Microplastic pollution has been detected in human blood for the first time, according to a new study.
The discovery shows the particles can travel around the body and may lodge in organs, with the impact on health being as yet unknown.
Researchers are concerned though as microplastics have been shown to cause damage to human cells in studies.
Microplastics are known to be found almost everywhere on Earth, as people were already known to consume the tiny particles via food and water as well as breathing them in.
Microplastics have been detected in human blood for the first time, with scientists finding tiny plastic particles in nearly 80% of people tested
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The scientists analysed blood samples from 22 anonymous donors, all healthy adults and found plastic particles in 17.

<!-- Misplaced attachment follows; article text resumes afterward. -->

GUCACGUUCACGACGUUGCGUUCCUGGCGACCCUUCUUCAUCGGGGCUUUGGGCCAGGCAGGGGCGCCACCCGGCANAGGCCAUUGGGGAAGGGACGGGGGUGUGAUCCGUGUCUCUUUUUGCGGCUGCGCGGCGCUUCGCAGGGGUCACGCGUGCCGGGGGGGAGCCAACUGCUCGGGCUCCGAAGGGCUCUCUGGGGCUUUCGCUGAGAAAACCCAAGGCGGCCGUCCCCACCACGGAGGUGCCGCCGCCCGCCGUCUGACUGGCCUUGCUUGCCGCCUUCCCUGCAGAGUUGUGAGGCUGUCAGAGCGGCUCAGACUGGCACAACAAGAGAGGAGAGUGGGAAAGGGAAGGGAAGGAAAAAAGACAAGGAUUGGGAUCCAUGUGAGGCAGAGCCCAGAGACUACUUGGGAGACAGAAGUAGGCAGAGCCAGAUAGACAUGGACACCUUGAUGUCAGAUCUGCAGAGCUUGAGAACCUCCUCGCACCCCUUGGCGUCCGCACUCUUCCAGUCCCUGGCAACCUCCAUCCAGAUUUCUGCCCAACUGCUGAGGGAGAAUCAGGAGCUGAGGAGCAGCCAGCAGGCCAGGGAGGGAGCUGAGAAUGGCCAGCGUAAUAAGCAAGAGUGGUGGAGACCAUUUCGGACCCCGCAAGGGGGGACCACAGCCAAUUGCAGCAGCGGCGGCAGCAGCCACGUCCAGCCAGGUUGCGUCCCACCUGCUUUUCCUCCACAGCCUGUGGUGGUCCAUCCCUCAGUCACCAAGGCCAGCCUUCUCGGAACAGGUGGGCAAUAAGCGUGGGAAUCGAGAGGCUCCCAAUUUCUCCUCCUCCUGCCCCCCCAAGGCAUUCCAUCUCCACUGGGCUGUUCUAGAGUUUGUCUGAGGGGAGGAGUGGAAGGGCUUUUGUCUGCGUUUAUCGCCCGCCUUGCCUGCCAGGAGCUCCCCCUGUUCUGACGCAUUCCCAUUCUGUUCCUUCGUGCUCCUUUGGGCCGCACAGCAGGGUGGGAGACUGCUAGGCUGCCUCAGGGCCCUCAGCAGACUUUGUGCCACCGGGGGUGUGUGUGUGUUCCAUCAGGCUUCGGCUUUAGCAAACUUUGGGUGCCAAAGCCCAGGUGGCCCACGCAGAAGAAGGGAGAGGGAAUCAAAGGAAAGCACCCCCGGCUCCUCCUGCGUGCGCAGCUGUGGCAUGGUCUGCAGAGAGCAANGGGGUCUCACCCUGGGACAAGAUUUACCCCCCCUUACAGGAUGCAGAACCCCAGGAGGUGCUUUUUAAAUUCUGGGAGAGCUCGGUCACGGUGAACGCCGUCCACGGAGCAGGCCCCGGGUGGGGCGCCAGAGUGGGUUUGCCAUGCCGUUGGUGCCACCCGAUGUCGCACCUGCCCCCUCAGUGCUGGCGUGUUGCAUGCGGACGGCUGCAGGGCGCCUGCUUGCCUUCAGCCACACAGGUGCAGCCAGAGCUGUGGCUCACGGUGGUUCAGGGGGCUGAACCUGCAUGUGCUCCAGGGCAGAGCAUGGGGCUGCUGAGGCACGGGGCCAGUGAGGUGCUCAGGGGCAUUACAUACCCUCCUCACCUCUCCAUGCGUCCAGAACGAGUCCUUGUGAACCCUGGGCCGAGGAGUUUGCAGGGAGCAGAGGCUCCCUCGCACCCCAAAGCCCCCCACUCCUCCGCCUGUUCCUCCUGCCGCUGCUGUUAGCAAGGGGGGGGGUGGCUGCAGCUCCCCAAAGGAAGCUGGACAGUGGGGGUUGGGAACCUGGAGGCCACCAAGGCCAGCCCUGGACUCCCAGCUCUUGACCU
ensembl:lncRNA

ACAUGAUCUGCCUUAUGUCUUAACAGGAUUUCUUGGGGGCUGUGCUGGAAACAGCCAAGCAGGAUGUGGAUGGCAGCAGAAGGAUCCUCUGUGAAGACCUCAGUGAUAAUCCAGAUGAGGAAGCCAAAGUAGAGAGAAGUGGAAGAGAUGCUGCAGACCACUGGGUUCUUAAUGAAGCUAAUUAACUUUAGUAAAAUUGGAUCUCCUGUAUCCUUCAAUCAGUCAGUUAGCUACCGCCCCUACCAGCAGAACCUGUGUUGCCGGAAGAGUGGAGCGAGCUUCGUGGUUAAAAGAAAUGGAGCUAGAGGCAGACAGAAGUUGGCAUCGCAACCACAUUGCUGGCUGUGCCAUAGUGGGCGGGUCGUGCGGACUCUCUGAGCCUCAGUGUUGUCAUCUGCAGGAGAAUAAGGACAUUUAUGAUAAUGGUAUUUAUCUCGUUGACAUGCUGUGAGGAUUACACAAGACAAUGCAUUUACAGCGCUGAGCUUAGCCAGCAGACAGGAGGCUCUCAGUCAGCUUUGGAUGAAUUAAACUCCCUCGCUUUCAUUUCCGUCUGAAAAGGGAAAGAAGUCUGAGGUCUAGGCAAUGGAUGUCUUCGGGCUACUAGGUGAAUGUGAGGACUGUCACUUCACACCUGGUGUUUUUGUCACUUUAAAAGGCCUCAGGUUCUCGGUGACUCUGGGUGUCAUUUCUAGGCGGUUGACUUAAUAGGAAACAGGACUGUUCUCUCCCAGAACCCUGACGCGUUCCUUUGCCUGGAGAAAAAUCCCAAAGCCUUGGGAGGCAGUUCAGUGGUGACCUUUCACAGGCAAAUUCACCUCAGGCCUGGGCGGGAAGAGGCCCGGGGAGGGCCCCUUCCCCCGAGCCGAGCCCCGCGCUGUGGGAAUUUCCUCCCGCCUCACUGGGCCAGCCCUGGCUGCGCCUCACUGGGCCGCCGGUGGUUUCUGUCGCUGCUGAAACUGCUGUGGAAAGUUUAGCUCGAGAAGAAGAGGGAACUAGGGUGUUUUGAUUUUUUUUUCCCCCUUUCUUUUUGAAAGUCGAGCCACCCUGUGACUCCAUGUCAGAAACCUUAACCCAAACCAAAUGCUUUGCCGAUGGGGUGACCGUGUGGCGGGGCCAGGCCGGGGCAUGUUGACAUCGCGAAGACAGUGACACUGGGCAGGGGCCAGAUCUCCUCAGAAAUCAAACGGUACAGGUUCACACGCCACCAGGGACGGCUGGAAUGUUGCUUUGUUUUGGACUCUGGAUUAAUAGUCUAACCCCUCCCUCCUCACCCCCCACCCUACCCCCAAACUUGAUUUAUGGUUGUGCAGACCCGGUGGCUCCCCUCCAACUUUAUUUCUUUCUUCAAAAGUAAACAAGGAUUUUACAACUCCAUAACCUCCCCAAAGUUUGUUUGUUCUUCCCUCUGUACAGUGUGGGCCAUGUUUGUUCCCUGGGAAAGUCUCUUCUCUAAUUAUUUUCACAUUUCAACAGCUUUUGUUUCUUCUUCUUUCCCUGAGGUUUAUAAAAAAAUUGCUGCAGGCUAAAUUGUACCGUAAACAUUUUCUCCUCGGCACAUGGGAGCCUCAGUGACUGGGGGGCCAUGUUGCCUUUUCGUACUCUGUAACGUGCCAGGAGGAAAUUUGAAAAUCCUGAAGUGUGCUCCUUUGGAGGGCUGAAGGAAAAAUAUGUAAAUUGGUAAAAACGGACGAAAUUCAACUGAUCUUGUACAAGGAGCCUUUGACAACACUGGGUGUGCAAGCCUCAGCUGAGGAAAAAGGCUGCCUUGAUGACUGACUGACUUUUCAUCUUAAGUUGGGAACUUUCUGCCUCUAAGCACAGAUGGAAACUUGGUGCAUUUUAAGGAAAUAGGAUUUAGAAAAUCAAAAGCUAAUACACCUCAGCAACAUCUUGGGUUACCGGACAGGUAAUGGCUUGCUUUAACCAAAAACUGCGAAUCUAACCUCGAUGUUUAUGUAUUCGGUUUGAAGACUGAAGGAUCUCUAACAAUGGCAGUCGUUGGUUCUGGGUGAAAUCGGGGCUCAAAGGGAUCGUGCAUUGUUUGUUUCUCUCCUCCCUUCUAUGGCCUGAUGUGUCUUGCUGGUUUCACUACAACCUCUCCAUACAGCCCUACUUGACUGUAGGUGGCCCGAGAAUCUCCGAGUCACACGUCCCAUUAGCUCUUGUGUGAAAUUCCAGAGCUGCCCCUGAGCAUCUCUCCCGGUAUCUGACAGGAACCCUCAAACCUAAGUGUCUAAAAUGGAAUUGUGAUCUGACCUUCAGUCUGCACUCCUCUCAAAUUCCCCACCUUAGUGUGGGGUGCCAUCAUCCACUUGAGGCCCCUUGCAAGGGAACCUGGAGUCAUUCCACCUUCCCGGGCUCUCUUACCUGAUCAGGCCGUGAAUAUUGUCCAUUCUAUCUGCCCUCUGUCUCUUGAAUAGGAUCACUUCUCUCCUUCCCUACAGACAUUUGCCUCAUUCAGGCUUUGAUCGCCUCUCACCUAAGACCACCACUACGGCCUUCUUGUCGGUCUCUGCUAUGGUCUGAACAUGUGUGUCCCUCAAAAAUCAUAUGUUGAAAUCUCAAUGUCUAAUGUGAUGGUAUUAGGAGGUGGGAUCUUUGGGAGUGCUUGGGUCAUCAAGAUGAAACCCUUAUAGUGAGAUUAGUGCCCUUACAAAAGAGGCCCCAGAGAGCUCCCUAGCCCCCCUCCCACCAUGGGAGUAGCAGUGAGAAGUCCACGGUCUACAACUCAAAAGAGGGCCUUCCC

Half the samples contained PET plastic, which is commonly used in drinks bottles, while a third contained polystyrene, used for packaging food and other products.
A quarter of the blood samples contained polyethylene, from which plastic carrier bags are made.
Prof Dick Vethaak, an ecotoxicologist at Vrije Universiteit Amsterdam in the Netherlands, said of the study: “Our study is the first indication that we have polymer particles in our blood – it’s a breakthrough result.
“But we have to extend the research and increase the sample sizes, the number of polymers assessed, etc. It is certainly reasonable to be concerned."
The particles have also been found in the placentas of pregnant women, and in pregnant rats, they pass rapidly through the lungs into the hearts, brains and other organs of the foetuses.